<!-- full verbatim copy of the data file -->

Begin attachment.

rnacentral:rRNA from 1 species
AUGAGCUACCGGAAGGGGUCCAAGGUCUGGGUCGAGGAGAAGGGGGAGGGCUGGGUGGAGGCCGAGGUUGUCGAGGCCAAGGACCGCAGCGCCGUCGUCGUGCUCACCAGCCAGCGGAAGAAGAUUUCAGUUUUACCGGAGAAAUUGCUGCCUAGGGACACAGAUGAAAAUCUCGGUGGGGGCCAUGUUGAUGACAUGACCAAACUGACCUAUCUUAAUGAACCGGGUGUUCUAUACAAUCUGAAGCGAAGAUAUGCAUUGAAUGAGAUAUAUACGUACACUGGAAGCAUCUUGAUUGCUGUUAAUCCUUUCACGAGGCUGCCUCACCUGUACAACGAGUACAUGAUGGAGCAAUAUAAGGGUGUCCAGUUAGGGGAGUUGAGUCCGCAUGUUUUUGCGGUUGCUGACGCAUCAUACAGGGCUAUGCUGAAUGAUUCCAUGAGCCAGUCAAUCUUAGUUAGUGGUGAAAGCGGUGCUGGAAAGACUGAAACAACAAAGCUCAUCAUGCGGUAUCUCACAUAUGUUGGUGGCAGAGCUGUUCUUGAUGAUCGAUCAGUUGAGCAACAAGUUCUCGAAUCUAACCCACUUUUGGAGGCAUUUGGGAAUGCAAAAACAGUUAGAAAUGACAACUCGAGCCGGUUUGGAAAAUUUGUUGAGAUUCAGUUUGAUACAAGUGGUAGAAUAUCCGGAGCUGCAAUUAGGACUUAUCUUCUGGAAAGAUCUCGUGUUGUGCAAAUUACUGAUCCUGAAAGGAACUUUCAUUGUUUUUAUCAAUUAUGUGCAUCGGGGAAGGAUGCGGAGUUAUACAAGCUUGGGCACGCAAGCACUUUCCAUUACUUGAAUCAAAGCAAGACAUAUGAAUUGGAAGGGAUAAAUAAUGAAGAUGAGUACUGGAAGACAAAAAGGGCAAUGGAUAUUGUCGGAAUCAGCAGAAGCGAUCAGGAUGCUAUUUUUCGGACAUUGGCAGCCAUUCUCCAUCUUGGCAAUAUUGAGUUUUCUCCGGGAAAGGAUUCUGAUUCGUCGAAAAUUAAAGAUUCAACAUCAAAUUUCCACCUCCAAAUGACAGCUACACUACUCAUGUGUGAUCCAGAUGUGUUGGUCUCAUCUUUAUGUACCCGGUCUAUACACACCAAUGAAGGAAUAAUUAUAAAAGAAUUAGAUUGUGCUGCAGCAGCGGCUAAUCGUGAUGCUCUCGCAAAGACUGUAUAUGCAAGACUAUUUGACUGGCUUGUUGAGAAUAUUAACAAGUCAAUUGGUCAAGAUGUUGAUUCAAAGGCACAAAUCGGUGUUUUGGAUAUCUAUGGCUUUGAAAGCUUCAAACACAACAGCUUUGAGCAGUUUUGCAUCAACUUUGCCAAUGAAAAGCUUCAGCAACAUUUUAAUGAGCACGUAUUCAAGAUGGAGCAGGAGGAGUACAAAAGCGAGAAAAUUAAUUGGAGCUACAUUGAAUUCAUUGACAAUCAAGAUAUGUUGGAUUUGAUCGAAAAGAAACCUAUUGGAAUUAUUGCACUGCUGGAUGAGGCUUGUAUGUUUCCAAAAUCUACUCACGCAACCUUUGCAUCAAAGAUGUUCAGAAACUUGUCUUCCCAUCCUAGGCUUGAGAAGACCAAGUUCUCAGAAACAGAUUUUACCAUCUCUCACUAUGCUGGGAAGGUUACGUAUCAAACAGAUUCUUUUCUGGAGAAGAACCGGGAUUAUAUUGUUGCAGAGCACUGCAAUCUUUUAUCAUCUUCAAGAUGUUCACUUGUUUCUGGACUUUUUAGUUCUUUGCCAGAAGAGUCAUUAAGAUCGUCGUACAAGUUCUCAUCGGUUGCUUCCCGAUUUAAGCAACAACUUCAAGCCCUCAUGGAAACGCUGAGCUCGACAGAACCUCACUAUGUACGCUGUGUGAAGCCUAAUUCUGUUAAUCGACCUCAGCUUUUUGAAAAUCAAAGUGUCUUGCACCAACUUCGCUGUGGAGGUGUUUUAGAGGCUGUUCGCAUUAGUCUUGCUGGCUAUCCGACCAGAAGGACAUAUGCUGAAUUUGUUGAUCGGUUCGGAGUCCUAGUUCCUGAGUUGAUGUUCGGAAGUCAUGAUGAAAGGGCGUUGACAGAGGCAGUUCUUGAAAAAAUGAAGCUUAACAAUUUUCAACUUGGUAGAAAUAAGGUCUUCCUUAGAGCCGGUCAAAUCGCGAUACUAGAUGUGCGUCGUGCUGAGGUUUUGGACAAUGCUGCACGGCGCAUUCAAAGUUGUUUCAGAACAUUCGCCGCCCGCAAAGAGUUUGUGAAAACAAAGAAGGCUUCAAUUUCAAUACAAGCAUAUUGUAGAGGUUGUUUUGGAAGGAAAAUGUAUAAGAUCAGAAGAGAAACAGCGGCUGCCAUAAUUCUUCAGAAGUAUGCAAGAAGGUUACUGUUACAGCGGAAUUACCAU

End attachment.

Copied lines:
rnacentral:rRNA from 1 species
AUGAGCUACCGGAAGGGGUCCAAGGUCUGGGUCGAGGAGAAGGGGGAGGGCUGGGUGGAGGCCGAGGUUGUCGAGGCCAAGGACCGCAGCGCCGUCGUCGUGCUCACCAGCCAGCGGAAGAAGAUUUCAGUUUUACCGGAGAAAUUGCUGCCUAGGGACACAGAUGAAAAUCUCGGUGGGGGCCAUGUUGAUGACAUGACCAAACUGACCUAUCUUAAUGAACCGGGUGUUCUAUACAAUCUGAAGCGAAGAUAUGCAUUGAAUGAGAUAUAUACGUACACUGGAAGCAUCUUGAUUGCUGUUAAUCCUUUCACGAGGCUGCCUCACCUGUACAACGAGUACAUGAUGGAGCAAUAUAAGGGUGUCCAGUUAGGGGAGUUGAGUCCGCAUGUUUUUGCGGUUGCUGACGCAUCAUACAGGGCUAUGCUGAAUGAUUCCAUGAGCCAGUCAAUCUUAGUUAGUGGUGAAAGCGGUGCUGGAAAGACUGAAACAACAAAGCUCAUCAUGCGGUAUCUCACAUAUGUUGGUGGCAGAGCUGUUCUUGAUGAUCGAUCAGUUGAGCAACAAGUUCUCGAAUCUAACCCACUUUUGGAGGCAUUUGGGAAUGCAAAAACAGUUAGAAAUGACAACUCGAGCCGGUUUGGAAAAUUUGUUGAGAUUCAGUUUGAUACAAGUGGUAGAAUAUCCGGAGCUGCAAUUAGGACUUAUCUUCUGGAAAGAUCUCGUGUUGUGCAAAUUACUGAUCCUGAAAGGAACUUUCAUUGUUUUUAUCAAUUAUGUGCAUCGGGGAAGGAUGCGGAGUUAUACAAGCUUGGGCACGCAAGCACUUUCCAUUACUUGAAUCAAAGCAAGACAUAUGAAUUGGAAGGGAUAAAUAAUGAAGAUGAGUACUGGAAGACAAAAAGGGCAAUGGAUAUUGUCGGAAUCAGCAGAAGCGAUCAGGAUGCUAUUUUUCGGACAUUGGCAGCCAUUCUCCAUCUUGGCAAUAUUGAGUUUUCUCCGGGAAAGGAUUCUGAUUCGUCGAAAAUUAAAGAUUCAACAUCAAAUUUCCACCUCCAAAUGACAGCUACACUACUCAUGUGUGAUCCAGAUGUGUUGGUCUCAUCUUUAUGUACCCGGUCUAUACACACCAAUGAAGGAAUAAUUAUAAAAGAAUUAGAUUGUGCUGCAGCAGCGGCUAAUCGUGAUGCUCUCGCAAAGACUGUAUAUGCAAGACUAUUUGACUGGCUUGUUGAGAAUAUUAACAAGUCAAUUGGUCAAGAUGUUGAUUCAAAGGCACAAAUCGGUGUUUUGGAUAUCUAUGGCUUUGAAAGCUUCAAACACAACAGCUUUGAGCAGUUUUGCAUCAACUUUGCCAAUGAAAAGCUUCAGCAACAUUUUAAUGAGCACGUAUUCAAGAUGGAGCAGGAGGAGUACAAAAGCGAGAAAAUUAAUUGGAGCUACAUUGAAUUCAUUGACAAUCAAGAUAUGUUGGAUUUGAUCGAAAAGAAACCUAUUGGAAUUAUUGCACUGCUGGAUGAGGCUUGUAUGUUUCCAAAAUCUACUCACGCAACCUUUGCAUCAAAGAUGUUCAGAAACUUGUCUUCCCAUCCUAGGCUUGAGAAGACCAAGUUCUCAGAAACAGAUUUUACCAUCUCUCACUAUGCUGGGAAGGUUACGUAUCAAACAGAUUCUUUUCUGGAGAAGAACCGGGAUUAUAUUGUUGCAGAGCACUGCAAUCUUUUAUCAUCUUCAAGAUGUUCACUUGUUUCUGGACUUUUUAGUUCUUUGCCAGAAGAGUCAUUAAGAUCGUCGUACAAGUUCUCAUCGGUUGCUUCCCGAUUUAAGCAACAACUUCAAGCCCUCAUGGAAACGCUGAGCUCGACAGAACCUCACUAUGUACGCUGUGUGAAGCCUAAUUCUGUUAAUCGACCUCAGCUUUUUGAAAAUCAAAGUGUCUUGCACCAACUUCGCUGUGGAGGUGUUUUAGAGGCUGUUCGCAUUAGUCUUGCUGGCUAUCCGACCAGAAGGACAUAUGCUGAAUUUGUUGAUCGGUUCGGAGUCCUAGUUCCUGAGUUGAUGUUCGGAAGUCAUGAUGAAAGGGCGUUGACAGAGGCAGUUCUUGAAAAAAUGAAGCUUAACAAUUUUCAACUUGGUAGAAAUAAGGUCUUCCUUAGAGCCGGUCAAAUCGCGAUACUAGAUGUGCGUCGUGCUGAGGUUUUGGACAAUGCUGCACGGCGCAUUCAAAGUUGUUUCAGAACAUUCGCCGCCCGCAAAGAGUUUGUGAAAACAAAGAAGGCUUCAAUUUCAAUACAAGCAUAUUGUAGAGGUUGUUUUGGAAGGAAAAUGUAUAAGAUCAGAAGAGAAACAGCGGCUGCCAUAAUUCUUCAGAAGUAUGCAAGAAGGUUACUGUUACAGCGGAAUUACCAU